One of the most effective approaches has been to use Deep Learning in combination with other algorithms. We have seen this in the AlphaGo implementation that used a Monte-Carlo Tree Search technique in combination with Deep Learning. The integration of a symbolic approach with Deep Learning is also very promising considering that they have complementary strengths and weaknesses. Looking forward into the future, it’s all going to be Deep Learning, one AI to rule them all. However, more likely, Deep Learning combined with some other AI approach will be just as promising. Ignoring this reality is a surefire way to ensure one’s own extinction.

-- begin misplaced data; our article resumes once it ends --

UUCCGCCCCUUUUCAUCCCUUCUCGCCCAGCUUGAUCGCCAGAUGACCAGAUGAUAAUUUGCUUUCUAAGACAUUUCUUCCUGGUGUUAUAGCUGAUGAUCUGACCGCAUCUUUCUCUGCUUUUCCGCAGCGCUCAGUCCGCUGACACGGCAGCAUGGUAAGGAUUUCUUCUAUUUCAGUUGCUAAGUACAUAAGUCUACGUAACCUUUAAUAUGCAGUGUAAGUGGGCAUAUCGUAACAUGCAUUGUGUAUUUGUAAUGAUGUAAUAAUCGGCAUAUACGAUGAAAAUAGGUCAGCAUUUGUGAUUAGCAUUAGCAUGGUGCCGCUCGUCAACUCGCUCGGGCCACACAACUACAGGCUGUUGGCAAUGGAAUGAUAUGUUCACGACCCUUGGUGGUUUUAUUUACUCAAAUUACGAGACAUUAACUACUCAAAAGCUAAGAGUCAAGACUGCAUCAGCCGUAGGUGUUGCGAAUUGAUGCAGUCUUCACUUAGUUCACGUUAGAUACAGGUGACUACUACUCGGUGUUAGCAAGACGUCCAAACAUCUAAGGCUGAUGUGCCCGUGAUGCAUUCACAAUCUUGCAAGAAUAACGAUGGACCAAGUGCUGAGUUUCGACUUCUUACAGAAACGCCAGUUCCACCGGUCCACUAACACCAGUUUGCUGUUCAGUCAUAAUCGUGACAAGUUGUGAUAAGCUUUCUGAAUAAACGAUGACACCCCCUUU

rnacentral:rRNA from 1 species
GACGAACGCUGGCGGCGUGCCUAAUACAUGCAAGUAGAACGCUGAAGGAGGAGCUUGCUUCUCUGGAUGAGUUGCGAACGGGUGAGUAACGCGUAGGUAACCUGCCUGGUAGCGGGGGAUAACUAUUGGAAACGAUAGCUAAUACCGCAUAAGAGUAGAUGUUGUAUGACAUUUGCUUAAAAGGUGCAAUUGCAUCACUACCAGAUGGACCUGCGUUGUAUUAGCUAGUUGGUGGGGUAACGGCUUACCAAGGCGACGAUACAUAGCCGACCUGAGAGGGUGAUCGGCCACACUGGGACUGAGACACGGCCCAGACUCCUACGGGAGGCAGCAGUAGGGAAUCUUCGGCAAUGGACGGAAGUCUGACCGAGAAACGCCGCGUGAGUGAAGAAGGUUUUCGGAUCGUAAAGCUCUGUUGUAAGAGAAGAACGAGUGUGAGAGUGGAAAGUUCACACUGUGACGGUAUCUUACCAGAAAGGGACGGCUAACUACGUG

An update from Davos. In an interview [WEF] with Sergey Brin of Google, Brin remarks that despite being a few paper clips away from Google Brain’s Jeff Dean, he did not see Deep Learning coming. If Brin himself who created Google could not have predicted the advance of Deep Learning, then what can we say about the many other practitioners from other competing AI tribes? That is people with a vested interest? To conclude, do not trust your resident AI expert, he just might belong to a different tribe.
I found this: A Review of 40 Years of Cognitive Architecture Research: Focus on Perception, Attention, Learning and Applications.
Update: Wired magazine has an articles about the “AI Factions get Feisty.”